• Did you struggle at all with the realities of traveling and sleeping in the Outback?

    “It’s fair to say that I’m more of a ‘Hilton Hopper’ than a camper – and the accommodation wasn’t exactly five stars! Each night we slept in swags or tents. Being over 40 degrees, it was pretty sweaty and restless each night. Not to mention there were all manner of peculiar creepy crawly creatures wandering across my body. Added to this, there were 30 exhausted blokes in close proximity around the campground, so the noise of snoring was like being surrounded by a pack of farm animals.

    That being said, there was so much to enjoy along the way… I had never visited the Northern Territory before, so adventuring through the Kakadu National Park was a huge treat. The landscape is so unique and prehistoric. We got to see incredible waterfalls, mountain ridges, billabongs, wild birds, crocodiles up close, and rock engravings that were over 10,000 years old. We were also privileged to meet so many of the locals and get truly immersed in the culture.”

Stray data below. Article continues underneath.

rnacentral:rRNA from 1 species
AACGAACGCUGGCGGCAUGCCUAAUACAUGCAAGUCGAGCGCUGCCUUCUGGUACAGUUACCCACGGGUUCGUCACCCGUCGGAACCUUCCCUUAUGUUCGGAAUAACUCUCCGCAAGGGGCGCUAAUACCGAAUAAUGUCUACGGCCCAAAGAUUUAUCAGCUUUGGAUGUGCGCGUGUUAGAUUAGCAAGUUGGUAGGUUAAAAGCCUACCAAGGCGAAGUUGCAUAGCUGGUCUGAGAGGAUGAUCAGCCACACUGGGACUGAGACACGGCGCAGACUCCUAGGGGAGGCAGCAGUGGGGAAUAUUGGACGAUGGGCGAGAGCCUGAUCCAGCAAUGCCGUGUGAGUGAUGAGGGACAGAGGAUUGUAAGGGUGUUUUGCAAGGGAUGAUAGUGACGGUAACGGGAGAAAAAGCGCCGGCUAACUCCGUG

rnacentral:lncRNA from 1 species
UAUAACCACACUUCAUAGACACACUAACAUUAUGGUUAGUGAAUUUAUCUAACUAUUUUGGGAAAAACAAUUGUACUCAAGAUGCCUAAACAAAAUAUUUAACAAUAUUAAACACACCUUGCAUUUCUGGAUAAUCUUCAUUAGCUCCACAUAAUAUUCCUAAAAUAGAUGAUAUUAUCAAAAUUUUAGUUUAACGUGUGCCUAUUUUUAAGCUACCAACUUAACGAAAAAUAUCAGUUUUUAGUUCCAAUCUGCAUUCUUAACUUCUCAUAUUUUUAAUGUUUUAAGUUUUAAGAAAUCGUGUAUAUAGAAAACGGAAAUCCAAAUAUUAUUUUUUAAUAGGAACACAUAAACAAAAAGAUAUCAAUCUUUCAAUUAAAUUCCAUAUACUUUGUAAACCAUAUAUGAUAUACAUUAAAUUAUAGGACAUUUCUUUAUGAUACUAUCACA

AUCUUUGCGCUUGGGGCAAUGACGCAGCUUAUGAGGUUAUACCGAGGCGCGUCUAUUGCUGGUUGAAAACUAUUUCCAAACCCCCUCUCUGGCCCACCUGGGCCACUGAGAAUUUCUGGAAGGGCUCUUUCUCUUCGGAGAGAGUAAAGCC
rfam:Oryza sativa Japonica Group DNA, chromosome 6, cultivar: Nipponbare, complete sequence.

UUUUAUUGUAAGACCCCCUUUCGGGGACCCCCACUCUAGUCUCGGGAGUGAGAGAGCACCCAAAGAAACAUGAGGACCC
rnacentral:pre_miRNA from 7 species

• This adventure you embarked on had never been done before – why did you want to be one of the first people to accomplish this mammoth challenge?

    “The MHF do a crazy event every year and invite a select few to join in the challenge and help with the fundraising. I felt just lucky to be invited. In the past they have climbed to Everest Base camp, completed the Kokoda trail and climbed Kilimanjaro. What a great way to raise funds – challenge your body and mind and have some fun along the way.”

  • How did you prepare for the experience? Did nutrition play a part in your preparation?

    “Managing my nutritional requirements through training and the adventure was paramount. It’s amazing what your body can achieve if you get your food and hydration right. In the lead up to the event I was training twice per day. One long cardio session to build endurance and one weights session to build bone density and help avoid injury. In the lead up to the event, I had no alcohol for 12 weeks and needed around 4,000 calories per day. I would keep a clean diet of fruit, vegetables, oats and lean meats. Then supplement with fish oil, melatonin and magnesium for recovery and sleep quality. I would also include a 250ml nudie juice and nuts after each weights session to get good calories into the body quickly and aid recovery.